How to Zone Fight

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Zone fighting is a big part of the role playing part of LoB and is very important to many players. There are no rules on how you fight (except the rules that apply to the game) and newer players take advantage of this. So many Academy Students will hop right into the zones and do something like:

Academy Student ExampleOne runs in and uses Bankai and pwns everyone, making him the king of the zones!!!!!!


This is completely permitted, however you should know that most people won't want to fight you if you fight like that. Most players prefer that you be fair and don't god-mode.

God-moding (or God-modding) is also referred to as auto-hitting, which is when you attack your enemy and state the outcome before it happens, not allowing your opponent to react. Also, it can refer to using Kidou or other similar battle aids (i.e., shunpo, flashsteps) beyond your ability (which is based on your rank and the amount of Reiatsu someone would have at that particular level), dodging the things you know that you cannot dodge, and outlandish abilities, such as ‘Bankai’, when you're an Academy Student.

Example:

Academy Student ExampleTwo swings down with his zanpakutou, slicing the enemy in the shoulder, cutting through his veins, and disabling his arm.


That's auto-hitting. You're saying that you automatically hit you enemy and already state the outcomes. You need to give your enemy a chance to react. Using a set amount of health and Reiatsu and using Kidou fit for your rank also help make zone fighting fair.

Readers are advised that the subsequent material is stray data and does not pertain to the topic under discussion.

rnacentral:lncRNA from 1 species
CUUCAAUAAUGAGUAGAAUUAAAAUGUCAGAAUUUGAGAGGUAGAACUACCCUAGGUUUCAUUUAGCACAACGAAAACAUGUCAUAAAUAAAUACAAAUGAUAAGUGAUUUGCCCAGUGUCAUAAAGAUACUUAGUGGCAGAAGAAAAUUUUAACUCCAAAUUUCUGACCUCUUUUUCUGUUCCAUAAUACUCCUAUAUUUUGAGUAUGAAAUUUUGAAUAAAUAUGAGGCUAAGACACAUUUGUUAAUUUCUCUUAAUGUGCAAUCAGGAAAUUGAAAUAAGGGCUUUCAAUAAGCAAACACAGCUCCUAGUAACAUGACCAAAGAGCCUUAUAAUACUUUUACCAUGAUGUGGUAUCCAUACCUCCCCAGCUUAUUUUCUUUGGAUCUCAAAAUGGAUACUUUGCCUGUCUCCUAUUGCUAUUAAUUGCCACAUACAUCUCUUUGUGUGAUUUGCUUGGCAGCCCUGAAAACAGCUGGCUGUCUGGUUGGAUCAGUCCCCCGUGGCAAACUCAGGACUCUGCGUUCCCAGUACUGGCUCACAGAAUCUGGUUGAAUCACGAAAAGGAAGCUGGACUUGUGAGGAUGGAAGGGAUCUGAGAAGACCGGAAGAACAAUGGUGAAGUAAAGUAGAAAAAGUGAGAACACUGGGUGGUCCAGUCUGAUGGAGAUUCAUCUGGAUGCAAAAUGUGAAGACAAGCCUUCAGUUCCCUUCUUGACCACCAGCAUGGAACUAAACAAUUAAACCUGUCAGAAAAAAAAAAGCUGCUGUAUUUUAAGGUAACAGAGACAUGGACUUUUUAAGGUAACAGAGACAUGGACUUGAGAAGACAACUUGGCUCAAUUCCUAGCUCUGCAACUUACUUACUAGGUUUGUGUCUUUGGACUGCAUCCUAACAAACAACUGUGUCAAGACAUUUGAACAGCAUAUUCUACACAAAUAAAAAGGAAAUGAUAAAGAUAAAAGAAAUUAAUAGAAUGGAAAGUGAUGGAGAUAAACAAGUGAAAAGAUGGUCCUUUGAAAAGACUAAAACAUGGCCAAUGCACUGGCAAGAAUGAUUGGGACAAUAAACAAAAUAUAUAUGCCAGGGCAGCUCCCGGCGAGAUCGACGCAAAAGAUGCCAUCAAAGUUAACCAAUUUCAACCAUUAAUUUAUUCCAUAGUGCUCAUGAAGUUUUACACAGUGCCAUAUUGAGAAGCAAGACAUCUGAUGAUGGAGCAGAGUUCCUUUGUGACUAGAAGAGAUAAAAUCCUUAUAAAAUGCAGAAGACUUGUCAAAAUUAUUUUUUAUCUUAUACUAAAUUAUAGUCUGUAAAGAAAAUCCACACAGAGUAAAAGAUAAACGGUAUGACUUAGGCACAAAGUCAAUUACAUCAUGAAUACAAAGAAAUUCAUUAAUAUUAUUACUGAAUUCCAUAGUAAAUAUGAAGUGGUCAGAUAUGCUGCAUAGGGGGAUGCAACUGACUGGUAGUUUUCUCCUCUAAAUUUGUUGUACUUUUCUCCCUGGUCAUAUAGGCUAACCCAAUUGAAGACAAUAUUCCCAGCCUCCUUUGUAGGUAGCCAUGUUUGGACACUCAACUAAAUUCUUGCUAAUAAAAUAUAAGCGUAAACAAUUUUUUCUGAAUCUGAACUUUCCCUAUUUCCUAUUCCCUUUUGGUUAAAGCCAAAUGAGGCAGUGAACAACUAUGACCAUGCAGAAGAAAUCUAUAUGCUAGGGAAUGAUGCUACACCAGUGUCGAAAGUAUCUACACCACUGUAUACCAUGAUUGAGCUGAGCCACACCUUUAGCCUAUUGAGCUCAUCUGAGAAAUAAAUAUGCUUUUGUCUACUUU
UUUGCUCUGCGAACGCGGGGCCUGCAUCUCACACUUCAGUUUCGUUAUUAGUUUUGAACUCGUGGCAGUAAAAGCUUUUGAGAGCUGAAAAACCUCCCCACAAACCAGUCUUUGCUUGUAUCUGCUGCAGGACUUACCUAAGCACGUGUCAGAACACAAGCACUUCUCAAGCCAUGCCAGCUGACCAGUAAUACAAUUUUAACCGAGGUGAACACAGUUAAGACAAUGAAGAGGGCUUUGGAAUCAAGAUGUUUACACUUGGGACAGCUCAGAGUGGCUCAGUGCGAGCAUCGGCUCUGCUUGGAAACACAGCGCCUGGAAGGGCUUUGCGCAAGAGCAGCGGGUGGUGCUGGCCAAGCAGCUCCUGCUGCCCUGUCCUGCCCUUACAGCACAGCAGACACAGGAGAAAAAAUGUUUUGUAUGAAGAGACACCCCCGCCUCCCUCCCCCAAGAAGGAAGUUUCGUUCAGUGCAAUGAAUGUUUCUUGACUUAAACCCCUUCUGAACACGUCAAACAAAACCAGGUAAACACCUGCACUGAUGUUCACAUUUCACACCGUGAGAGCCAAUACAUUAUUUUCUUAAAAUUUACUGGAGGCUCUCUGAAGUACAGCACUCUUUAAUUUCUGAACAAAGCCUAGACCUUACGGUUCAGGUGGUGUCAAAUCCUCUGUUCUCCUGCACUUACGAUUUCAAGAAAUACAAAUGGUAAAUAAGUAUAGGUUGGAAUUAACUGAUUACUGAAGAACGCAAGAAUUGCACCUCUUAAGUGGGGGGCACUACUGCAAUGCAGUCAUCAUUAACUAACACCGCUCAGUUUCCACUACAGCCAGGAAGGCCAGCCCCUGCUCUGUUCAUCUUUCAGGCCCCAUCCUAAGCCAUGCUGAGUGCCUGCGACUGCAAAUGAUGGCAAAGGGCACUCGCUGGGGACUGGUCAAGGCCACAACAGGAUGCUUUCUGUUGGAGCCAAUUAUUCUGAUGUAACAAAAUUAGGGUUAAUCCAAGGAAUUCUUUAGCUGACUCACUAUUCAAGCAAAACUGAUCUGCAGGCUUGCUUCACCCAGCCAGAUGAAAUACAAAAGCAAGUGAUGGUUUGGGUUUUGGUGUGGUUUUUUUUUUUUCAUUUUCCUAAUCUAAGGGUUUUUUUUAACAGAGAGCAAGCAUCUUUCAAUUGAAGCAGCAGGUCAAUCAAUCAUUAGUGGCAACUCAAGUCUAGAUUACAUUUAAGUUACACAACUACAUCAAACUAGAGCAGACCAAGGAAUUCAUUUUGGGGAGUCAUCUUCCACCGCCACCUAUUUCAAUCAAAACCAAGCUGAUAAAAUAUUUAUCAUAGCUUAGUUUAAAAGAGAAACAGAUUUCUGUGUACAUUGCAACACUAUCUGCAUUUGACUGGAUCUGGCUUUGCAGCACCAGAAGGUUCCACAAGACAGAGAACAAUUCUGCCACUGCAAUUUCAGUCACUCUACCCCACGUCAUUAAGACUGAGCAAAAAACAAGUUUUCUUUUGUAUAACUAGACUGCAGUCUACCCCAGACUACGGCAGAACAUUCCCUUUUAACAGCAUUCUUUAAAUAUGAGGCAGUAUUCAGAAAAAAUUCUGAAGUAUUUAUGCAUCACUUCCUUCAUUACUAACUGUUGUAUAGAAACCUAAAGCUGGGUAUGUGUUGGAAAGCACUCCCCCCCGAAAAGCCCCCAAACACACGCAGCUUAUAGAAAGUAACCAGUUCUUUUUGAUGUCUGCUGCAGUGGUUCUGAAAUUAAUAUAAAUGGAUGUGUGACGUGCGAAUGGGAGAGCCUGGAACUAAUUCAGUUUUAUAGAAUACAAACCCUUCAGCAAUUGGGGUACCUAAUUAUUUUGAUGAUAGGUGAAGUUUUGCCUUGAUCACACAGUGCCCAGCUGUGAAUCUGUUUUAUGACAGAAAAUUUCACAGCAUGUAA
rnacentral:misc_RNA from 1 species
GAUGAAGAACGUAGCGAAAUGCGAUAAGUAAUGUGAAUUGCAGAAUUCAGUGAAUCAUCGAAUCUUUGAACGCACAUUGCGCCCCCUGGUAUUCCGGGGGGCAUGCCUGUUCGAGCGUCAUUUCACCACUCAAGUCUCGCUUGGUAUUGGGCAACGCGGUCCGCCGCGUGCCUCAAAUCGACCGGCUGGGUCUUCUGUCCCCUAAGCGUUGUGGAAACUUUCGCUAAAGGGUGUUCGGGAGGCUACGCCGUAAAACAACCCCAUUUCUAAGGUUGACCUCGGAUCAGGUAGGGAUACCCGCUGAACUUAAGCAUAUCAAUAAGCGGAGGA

Here's an example of a better/more fair zone fight:

Academy Student Renji runs toward Byakuya with his zanpakutou drawn, preparing for an attack.

Senior Student Byakuya side steps the attack just barely, the attack grazing his shoulder. Blood runs down his shoulder and he grips it tightly, pointing his free hand’s index finger at Renji. "Haidou Number Four: Byakurai!" he shouts as a small bolt of white lightning leaps off his finger, heading straight for Renji.

Academy Student Renji crouches down, barely avoiding the kidou attack. He then quickly aims a sweeping kick at....

And so on and so on. Above is a basic example of a fair and realistic zone fight. It is highly suggested that you try to fight like this. A good formula to follow in the zones is to Defend/Dodge/Take the hit, then counter-attack; react, attack.


Helpful Hints and Tips

Using kidou (primarily without the necessary chant, especially if it’s a high-powered one), Shikai/Bankai before an accepted level [a general consensus amongst the players is twenty (20) final tests (which happens to be the number of tests required before one can obtain Shikai in-game)], etc., or anything that you do not have in-game, will displease many people in the zones. The best suggestion: use what you actually have.

Be descriptive! A good post will enable both you and your opponent to enjoy more of what Legend of Bleach has to offer. Description allows you or your opponent to fully know what the other is doing and helps avoid confusion.
However, writing too much description in a post can test the patience of some players, causing them to get frustrated because it takes longer to type out. But don’t worry; you’ll find your own style and level of description eventually.
Also, long descriptions often go over the character limit for single posts, often leaving half a sentence unwritten. To fix this problem, many players use a short series of symbols ([c], (c), and <c>) for continuation of their ‘turn’.

In your writing, the clearer, the better. The more clear your grammar, sentence structure, word order, and punctuation are, the better your overall experience. We’re not saying that you need to be grammatically correct in everything you post here, but it does help. Many players here are from all over the world and don’t read, write, or speak English very well; the more correct yours is, the easier it is for them.
A quick read-over before pressing “add” can help in this process, even if it’s a slight pain at first. Revisions also help prevent what could be slightly embarrassing typos, such as ‘he’ when you mean ‘her’ or a grossly misspelled word, or even a small, minute typos, like “if” instead of “of” or “in” instead of “on“.
You don’t need to abide by these rules, but they are good to know and follow to an extent. Good luck and have fun!